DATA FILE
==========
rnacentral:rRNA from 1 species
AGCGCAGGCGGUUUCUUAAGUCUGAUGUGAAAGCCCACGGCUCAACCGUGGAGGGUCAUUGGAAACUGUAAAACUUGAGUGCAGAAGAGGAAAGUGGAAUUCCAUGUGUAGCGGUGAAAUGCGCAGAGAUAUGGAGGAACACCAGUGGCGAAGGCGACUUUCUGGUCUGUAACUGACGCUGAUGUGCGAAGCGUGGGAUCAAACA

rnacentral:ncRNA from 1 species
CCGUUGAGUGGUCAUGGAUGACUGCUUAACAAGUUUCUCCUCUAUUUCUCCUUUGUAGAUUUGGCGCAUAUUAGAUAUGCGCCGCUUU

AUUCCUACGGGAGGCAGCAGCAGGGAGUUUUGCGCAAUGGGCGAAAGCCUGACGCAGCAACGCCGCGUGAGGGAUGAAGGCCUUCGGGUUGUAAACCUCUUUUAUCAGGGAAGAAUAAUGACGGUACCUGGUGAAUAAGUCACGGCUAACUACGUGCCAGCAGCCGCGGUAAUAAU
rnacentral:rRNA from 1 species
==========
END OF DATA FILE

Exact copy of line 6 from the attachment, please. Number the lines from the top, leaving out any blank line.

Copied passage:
rnacentral:rRNA from 1 species